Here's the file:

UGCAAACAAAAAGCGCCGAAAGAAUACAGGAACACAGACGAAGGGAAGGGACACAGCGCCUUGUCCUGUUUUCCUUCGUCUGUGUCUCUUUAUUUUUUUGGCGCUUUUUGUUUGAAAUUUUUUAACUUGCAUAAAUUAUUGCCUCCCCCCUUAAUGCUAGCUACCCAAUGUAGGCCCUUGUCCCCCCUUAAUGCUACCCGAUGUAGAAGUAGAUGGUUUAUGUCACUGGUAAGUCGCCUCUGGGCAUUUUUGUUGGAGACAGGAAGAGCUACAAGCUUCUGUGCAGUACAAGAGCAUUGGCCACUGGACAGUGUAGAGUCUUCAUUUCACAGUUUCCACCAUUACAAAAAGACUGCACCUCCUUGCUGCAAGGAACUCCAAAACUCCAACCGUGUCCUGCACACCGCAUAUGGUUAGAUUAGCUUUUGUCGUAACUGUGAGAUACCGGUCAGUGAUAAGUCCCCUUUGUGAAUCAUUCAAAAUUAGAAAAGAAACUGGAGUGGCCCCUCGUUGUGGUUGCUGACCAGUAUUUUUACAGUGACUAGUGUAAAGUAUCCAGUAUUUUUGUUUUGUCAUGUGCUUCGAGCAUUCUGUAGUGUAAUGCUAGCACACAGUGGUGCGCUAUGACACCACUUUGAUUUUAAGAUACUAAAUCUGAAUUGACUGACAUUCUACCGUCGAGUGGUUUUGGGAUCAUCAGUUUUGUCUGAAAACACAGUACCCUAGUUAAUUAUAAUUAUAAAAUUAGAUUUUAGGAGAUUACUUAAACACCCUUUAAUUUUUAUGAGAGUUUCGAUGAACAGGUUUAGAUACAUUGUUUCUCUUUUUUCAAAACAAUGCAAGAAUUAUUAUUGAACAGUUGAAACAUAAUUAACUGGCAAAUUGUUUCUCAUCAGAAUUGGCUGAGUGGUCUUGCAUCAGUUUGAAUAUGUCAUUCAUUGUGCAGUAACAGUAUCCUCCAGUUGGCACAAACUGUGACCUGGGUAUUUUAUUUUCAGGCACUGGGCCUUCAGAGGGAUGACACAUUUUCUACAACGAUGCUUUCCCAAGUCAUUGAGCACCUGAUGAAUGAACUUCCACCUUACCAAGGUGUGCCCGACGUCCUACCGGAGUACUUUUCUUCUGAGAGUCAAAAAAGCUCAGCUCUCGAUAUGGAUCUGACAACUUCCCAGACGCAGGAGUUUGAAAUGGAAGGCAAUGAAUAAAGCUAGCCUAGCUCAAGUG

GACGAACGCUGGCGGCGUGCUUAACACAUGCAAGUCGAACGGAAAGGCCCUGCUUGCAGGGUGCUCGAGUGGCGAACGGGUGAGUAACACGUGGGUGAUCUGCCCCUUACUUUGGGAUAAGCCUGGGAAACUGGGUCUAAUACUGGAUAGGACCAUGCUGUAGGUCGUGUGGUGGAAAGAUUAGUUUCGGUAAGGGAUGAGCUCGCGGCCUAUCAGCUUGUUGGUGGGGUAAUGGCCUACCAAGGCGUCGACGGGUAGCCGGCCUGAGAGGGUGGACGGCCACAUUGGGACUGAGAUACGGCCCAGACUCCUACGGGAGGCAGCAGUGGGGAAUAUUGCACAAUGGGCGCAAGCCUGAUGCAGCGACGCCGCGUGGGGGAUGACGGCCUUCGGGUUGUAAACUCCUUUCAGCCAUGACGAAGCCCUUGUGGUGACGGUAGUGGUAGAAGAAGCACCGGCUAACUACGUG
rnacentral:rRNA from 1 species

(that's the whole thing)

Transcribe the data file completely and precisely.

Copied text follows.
UGCAAACAAAAAGCGCCGAAAGAAUACAGGAACACAGACGAAGGGAAGGGACACAGCGCCUUGUCCUGUUUUCCUUCGUCUGUGUCUCUUUAUUUUUUUGGCGCUUUUUGUUUGAAAUUUUUUAACUUGCAUAAAUUAUUGCCUCCCCCCUUAAUGCUAGCUACCCAAUGUAGGCCCUUGUCCCCCCUUAAUGCUACCCGAUGUAGAAGUAGAUGGUUUAUGUCACUGGUAAGUCGCCUCUGGGCAUUUUUGUUGGAGACAGGAAGAGCUACAAGCUUCUGUGCAGUACAAGAGCAUUGGCCACUGGACAGUGUAGAGUCUUCAUUUCACAGUUUCCACCAUUACAAAAAGACUGCACCUCCUUGCUGCAAGGAACUCCAAAACUCCAACCGUGUCCUGCACACCGCAUAUGGUUAGAUUAGCUUUUGUCGUAACUGUGAGAUACCGGUCAGUGAUAAGUCCCCUUUGUGAAUCAUUCAAAAUUAGAAAAGAAACUGGAGUGGCCCCUCGUUGUGGUUGCUGACCAGUAUUUUUACAGUGACUAGUGUAAAGUAUCCAGUAUUUUUGUUUUGUCAUGUGCUUCGAGCAUUCUGUAGUGUAAUGCUAGCACACAGUGGUGCGCUAUGACACCACUUUGAUUUUAAGAUACUAAAUCUGAAUUGACUGACAUUCUACCGUCGAGUGGUUUUGGGAUCAUCAGUUUUGUCUGAAAACACAGUACCCUAGUUAAUUAUAAUUAUAAAAUUAGAUUUUAGGAGAUUACUUAAACACCCUUUAAUUUUUAUGAGAGUUUCGAUGAACAGGUUUAGAUACAUUGUUUCUCUUUUUUCAAAACAAUGCAAGAAUUAUUAUUGAACAGUUGAAACAUAAUUAACUGGCAAAUUGUUUCUCAUCAGAAUUGGCUGAGUGGUCUUGCAUCAGUUUGAAUAUGUCAUUCAUUGUGCAGUAACAGUAUCCUCCAGUUGGCACAAACUGUGACCUGGGUAUUUUAUUUUCAGGCACUGGGCCUUCAGAGGGAUGACACAUUUUCUACAACGAUGCUUUCCCAAGUCAUUGAGCACCUGAUGAAUGAACUUCCACCUUACCAAGGUGUGCCCGACGUCCUACCGGAGUACUUUUCUUCUGAGAGUCAAAAAAGCUCAGCUCUCGAUAUGGAUCUGACAACUUCCCAGACGCAGGAGUUUGAAAUGGAAGGCAAUGAAUAAAGCUAGCCUAGCUCAAGUG

GACGAACGCUGGCGGCGUGCUUAACACAUGCAAGUCGAACGGAAAGGCCCUGCUUGCAGGGUGCUCGAGUGGCGAACGGGUGAGUAACACGUGGGUGAUCUGCCCCUUACUUUGGGAUAAGCCUGGGAAACUGGGUCUAAUACUGGAUAGGACCAUGCUGUAGGUCGUGUGGUGGAAAGAUUAGUUUCGGUAAGGGAUGAGCUCGCGGCCUAUCAGCUUGUUGGUGGGGUAAUGGCCUACCAAGGCGUCGACGGGUAGCCGGCCUGAGAGGGUGGACGGCCACAUUGGGACUGAGAUACGGCCCAGACUCCUACGGGAGGCAGCAGUGGGGAAUAUUGCACAAUGGGCGCAAGCCUGAUGCAGCGACGCCGCGUGGGGGAUGACGGCCUUCGGGUUGUAAACUCCUUUCAGCCAUGACGAAGCCCUUGUGGUGACGGUAGUGGUAGAAGAAGCACCGGCUAACUACGUG
rnacentral:rRNA from 1 species